And lastly, when you get a deal, monitor “How” they found you and do it again.
I always ask sellers who call, "How did you find me?"
This way I can see what is working.
Nine times out of ten, it is my flyers and bandit signs that get them to call.
And you know what?
They are my cheapest, and simplest form of advertising.
I like that!

Stick with it and the deals will come,
Jim IL

Re: How to know when to change something? - Posted by Scott S

Posted by Scott S on October 24, 2000 at 20:44:03:

Kent,

Believe me, I know also what you are experiencing. You can ask Joe Kaiser, it took me a good long while to get my first deal.

I will tell you though, the more sellers you talk to the more you learn a couple things.

  1. You learn to recognize the motivated sellers better.

  2. Just as important as the first, you learn the art of salesmanship.

One major thing I learned during my 18 months of trying to get my first deal was that there is NO “textbook” deal. You have to learn how things are done in your area and how each individual deal can be worked within those parameters.

Sooner or later things will ckick and you’ll be a buying machine. Education during this time period can be a two edged sword because you want to learn more becuase you think you are missing something, yet the more you read the more you lose focus. I know the feeling.

My suggestion would be to learn only ONE method of buying and concentrate on learning the marketing side of the business. It sounds as if you are doing plenty like Joe said. You have lots of lines in the water.

Stay confident and just believe when they say “The first deal is the hardest”, it’s absolutely true.

I feel for you Kent, I’ve been there. Keep your spirits up and just know each seller you talk to brings with them a lesson for you. Sooner or later you’re going to be so convincing from all the practice there will be no way they can say anything but “YES”.

If I can be of any help or you just need a bit of encouragement, just drop a note. Just promise yourself you won’t give up.

Joe told me once, and I look back often now, “The journey is half the fun, don’t rob yourself of the journey”.

I know you can do it, I did. Sometimes during my journey I classified myself in the catagory of what we call “A rock with lips”, I guess, now looking back, that’s why it’s fun to look back.

Keep on keeping on buddy.

Scott Smith

Re: How to know when to change something? - Posted by JoeKaiser

Posted by JoeKaiser on October 24, 2000 at 18:44:26:

Kent,

Unfortunately, it’s sometimes tough to make things happen as quickly as we want them to. I know you’ve been working hard at this and you’re doing all the right things, but when you’re new things just don’t fall into your lap like they sometimes do when you’ve been at it for awhile.

You’re on the right track.

Joe

Re: How to know when to change something? - Posted by Steve-Atl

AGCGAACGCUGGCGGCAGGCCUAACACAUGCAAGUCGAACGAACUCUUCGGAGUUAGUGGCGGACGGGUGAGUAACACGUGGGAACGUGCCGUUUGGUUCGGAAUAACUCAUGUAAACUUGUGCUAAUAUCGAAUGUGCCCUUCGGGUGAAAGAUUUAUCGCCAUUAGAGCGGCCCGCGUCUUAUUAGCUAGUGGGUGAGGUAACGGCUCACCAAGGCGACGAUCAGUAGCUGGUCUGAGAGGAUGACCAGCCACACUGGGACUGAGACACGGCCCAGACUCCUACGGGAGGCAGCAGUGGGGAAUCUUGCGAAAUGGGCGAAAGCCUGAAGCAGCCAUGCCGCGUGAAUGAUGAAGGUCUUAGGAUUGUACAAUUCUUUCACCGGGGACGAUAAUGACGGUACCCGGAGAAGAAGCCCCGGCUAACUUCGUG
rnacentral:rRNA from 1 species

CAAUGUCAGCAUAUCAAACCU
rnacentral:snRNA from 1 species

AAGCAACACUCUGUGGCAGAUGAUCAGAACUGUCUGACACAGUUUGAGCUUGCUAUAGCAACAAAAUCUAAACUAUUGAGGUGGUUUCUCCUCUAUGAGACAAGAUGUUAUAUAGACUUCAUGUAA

Posted by Steve-Atl on October 24, 2000 at 18:14:46:

Keep up what you are doing. If anything you might adjust the message in your advertising based on the kind of deals you do. For example, for junkers you plan to flip or rehab, stress quick cash and any condition in your ad. For pretty houses you plan to lease option or take “subject to”, stress payment relief and full price for terms. I run both types in the appropriate paper. The neighborhood papers in nice areas get the pretty house ad and papers like the Thrify Nickel get the junker house ad.

The funny thing is that if you are consistent with your advertising, the rate of calls will increase with time. I don’t know why, but it happened to me, so don’t be too quick to make wholesale changes in your propspecting. Instead, fine tune your message to your target.

Re: How to know when to change something? - Posted by Mark (SDCA)

Posted by Mark (SDCA) on October 24, 2000 at 17:44:13:

I think this is one of the toughest questions to answer. It sounds like to me that you are doing everything right. I had the same problem. I have been running an ad forabout 4 months now. 1 call. And it was afor a mobile home 5 hours from me. And they weren’t even motivated. I SERIOUSLY considered seeing if I could get out of the ad. I mean it IS just a waste of money, right? Guess what?
A guy called on my ad today. (I thought he was calling based on a mail out I had done last week so I guess it IS important to be able to tell how people are reaching you.) The strangest thing is that this guy didn’t even see my ad. His girlfriend did and gave him my #. (Probably the other 3 or 4 numbers of people who are doing this as well BUT I CALLED BACK!)
So I guess my point is 1) You never know when someone need you or see your advertising and will call
and 2) you never know exactly how your advertising is working. Sometimes it doesn’t work exactly like we think (ie someone sees the ad and calls.)

Hope this helps,

Mark

Re: How to know when to change something? - Posted by ScottE

Posted by ScottE on October 25, 2000 at 13:36:04:

Jim,

How did you determine where to place your bandit signs and flyers? Along the same line, have you noticed a better area than another?

Thanks!
Scott